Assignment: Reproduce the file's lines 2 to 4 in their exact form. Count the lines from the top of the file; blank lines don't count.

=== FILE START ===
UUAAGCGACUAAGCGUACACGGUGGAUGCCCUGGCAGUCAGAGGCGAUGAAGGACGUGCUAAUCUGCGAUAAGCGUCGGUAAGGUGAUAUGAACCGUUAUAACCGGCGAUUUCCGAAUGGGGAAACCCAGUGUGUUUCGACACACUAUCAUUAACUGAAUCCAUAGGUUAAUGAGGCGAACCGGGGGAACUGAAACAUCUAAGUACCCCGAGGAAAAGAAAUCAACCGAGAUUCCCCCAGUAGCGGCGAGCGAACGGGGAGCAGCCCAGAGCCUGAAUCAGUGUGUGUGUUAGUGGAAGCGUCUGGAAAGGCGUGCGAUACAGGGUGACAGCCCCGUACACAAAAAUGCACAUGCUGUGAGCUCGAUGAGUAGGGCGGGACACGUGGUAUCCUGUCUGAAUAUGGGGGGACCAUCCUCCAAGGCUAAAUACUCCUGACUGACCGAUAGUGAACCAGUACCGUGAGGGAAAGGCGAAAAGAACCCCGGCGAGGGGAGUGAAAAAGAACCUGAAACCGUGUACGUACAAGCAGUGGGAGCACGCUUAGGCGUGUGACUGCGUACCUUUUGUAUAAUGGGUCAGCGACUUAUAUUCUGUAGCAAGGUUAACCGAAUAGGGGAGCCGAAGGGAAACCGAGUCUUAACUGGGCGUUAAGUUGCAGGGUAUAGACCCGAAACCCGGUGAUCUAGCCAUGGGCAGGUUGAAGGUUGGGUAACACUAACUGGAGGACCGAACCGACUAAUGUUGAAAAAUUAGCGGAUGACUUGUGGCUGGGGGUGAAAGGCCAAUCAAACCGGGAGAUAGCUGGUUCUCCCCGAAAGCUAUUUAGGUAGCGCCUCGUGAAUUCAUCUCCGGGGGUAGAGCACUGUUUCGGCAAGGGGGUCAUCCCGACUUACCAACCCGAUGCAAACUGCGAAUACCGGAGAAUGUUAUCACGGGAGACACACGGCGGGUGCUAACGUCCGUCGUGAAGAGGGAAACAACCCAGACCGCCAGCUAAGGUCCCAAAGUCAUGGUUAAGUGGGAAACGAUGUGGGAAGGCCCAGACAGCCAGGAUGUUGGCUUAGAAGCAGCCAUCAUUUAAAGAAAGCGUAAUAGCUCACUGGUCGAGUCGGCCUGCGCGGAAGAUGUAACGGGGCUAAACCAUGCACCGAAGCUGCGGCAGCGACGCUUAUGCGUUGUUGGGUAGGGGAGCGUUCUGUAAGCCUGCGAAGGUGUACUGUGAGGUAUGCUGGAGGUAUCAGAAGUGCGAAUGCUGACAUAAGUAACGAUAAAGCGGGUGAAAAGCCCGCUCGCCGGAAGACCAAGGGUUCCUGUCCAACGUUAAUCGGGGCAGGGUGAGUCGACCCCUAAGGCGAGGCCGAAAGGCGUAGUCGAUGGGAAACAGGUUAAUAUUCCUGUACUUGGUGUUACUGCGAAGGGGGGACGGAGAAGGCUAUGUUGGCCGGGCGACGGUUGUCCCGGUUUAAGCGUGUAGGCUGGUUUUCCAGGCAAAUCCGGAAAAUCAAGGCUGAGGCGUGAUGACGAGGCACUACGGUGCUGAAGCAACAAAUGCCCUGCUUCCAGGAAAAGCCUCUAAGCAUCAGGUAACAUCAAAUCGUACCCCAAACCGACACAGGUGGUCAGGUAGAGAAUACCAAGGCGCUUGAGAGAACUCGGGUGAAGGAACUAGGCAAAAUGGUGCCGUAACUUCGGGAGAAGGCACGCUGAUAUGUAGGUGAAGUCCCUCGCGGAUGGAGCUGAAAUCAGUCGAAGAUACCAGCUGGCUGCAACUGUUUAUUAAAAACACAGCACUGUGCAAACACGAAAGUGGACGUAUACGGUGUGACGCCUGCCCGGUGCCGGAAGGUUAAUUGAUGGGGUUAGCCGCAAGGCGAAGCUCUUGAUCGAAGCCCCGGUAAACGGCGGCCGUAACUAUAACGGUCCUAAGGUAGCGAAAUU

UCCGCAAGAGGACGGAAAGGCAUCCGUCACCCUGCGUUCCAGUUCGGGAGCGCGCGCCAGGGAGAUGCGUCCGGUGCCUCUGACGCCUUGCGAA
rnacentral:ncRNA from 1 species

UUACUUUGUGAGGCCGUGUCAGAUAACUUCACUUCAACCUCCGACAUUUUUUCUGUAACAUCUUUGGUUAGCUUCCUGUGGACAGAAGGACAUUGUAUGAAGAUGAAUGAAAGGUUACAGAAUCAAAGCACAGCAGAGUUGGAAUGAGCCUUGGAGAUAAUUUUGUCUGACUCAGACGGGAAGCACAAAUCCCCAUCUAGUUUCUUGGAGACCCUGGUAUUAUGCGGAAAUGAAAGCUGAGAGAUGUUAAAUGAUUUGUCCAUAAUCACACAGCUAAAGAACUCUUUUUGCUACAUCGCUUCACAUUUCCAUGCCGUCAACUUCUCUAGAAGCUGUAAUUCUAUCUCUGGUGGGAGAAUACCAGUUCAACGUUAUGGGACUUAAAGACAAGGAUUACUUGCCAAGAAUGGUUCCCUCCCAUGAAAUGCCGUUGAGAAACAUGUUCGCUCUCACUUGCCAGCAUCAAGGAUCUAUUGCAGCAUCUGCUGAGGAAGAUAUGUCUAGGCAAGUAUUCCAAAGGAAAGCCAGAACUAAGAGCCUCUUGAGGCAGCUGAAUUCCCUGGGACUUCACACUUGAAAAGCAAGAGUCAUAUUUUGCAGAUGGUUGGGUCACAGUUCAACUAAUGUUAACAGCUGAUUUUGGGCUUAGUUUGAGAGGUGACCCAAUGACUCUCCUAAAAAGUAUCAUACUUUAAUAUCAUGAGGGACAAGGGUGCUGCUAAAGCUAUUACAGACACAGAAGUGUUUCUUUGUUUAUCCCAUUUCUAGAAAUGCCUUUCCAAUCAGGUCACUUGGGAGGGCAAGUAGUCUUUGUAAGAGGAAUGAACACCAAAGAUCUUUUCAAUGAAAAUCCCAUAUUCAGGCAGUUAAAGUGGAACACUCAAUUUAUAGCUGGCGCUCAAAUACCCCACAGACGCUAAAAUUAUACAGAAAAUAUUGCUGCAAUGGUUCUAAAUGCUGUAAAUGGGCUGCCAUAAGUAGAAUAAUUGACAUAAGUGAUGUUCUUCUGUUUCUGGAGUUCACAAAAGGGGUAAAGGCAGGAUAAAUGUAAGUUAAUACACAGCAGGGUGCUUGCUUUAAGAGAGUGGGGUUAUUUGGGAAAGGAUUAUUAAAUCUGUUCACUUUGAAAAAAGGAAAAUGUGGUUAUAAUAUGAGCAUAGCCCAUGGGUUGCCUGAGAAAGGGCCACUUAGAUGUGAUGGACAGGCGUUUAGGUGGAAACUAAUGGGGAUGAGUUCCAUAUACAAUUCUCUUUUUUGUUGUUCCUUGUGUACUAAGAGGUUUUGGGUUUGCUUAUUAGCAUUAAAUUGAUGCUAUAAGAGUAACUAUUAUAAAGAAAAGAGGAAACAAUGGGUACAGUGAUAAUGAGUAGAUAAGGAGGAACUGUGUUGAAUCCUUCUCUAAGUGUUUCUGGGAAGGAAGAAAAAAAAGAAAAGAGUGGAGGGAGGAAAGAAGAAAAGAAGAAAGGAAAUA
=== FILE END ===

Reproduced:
UCCGCAAGAGGACGGAAAGGCAUCCGUCACCCUGCGUUCCAGUUCGGGAGCGCGCGCCAGGGAGAUGCGUCCGGUGCCUCUGACGCCUUGCGAA
rnacentral:ncRNA from 1 species

UUACUUUGUGAGGCCGUGUCAGAUAACUUCACUUCAACCUCCGACAUUUUUUCUGUAACAUCUUUGGUUAGCUUCCUGUGGACAGAAGGACAUUGUAUGAAGAUGAAUGAAAGGUUACAGAAUCAAAGCACAGCAGAGUUGGAAUGAGCCUUGGAGAUAAUUUUGUCUGACUCAGACGGGAAGCACAAAUCCCCAUCUAGUUUCUUGGAGACCCUGGUAUUAUGCGGAAAUGAAAGCUGAGAGAUGUUAAAUGAUUUGUCCAUAAUCACACAGCUAAAGAACUCUUUUUGCUACAUCGCUUCACAUUUCCAUGCCGUCAACUUCUCUAGAAGCUGUAAUUCUAUCUCUGGUGGGAGAAUACCAGUUCAACGUUAUGGGACUUAAAGACAAGGAUUACUUGCCAAGAAUGGUUCCCUCCCAUGAAAUGCCGUUGAGAAACAUGUUCGCUCUCACUUGCCAGCAUCAAGGAUCUAUUGCAGCAUCUGCUGAGGAAGAUAUGUCUAGGCAAGUAUUCCAAAGGAAAGCCAGAACUAAGAGCCUCUUGAGGCAGCUGAAUUCCCUGGGACUUCACACUUGAAAAGCAAGAGUCAUAUUUUGCAGAUGGUUGGGUCACAGUUCAACUAAUGUUAACAGCUGAUUUUGGGCUUAGUUUGAGAGGUGACCCAAUGACUCUCCUAAAAAGUAUCAUACUUUAAUAUCAUGAGGGACAAGGGUGCUGCUAAAGCUAUUACAGACACAGAAGUGUUUCUUUGUUUAUCCCAUUUCUAGAAAUGCCUUUCCAAUCAGGUCACUUGGGAGGGCAAGUAGUCUUUGUAAGAGGAAUGAACACCAAAGAUCUUUUCAAUGAAAAUCCCAUAUUCAGGCAGUUAAAGUGGAACACUCAAUUUAUAGCUGGCGCUCAAAUACCCCACAGACGCUAAAAUUAUACAGAAAAUAUUGCUGCAAUGGUUCUAAAUGCUGUAAAUGGGCUGCCAUAAGUAGAAUAAUUGACAUAAGUGAUGUUCUUCUGUUUCUGGAGUUCACAAAAGGGGUAAAGGCAGGAUAAAUGUAAGUUAAUACACAGCAGGGUGCUUGCUUUAAGAGAGUGGGGUUAUUUGGGAAAGGAUUAUUAAAUCUGUUCACUUUGAAAAAAGGAAAAUGUGGUUAUAAUAUGAGCAUAGCCCAUGGGUUGCCUGAGAAAGGGCCACUUAGAUGUGAUGGACAGGCGUUUAGGUGGAAACUAAUGGGGAUGAGUUCCAUAUACAAUUCUCUUUUUUGUUGUUCCUUGUGUACUAAGAGGUUUUGGGUUUGCUUAUUAGCAUUAAAUUGAUGCUAUAAGAGUAACUAUUAUAAAGAAAAGAGGAAACAAUGGGUACAGUGAUAAUGAGUAGAUAAGGAGGAACUGUGUUGAAUCCUUCUCUAAGUGUUUCUGGGAAGGAAGAAAAAAAAGAAAAGAGUGGAGGGAGGAAAGAAGAAAAGAAGAAAGGAAAUA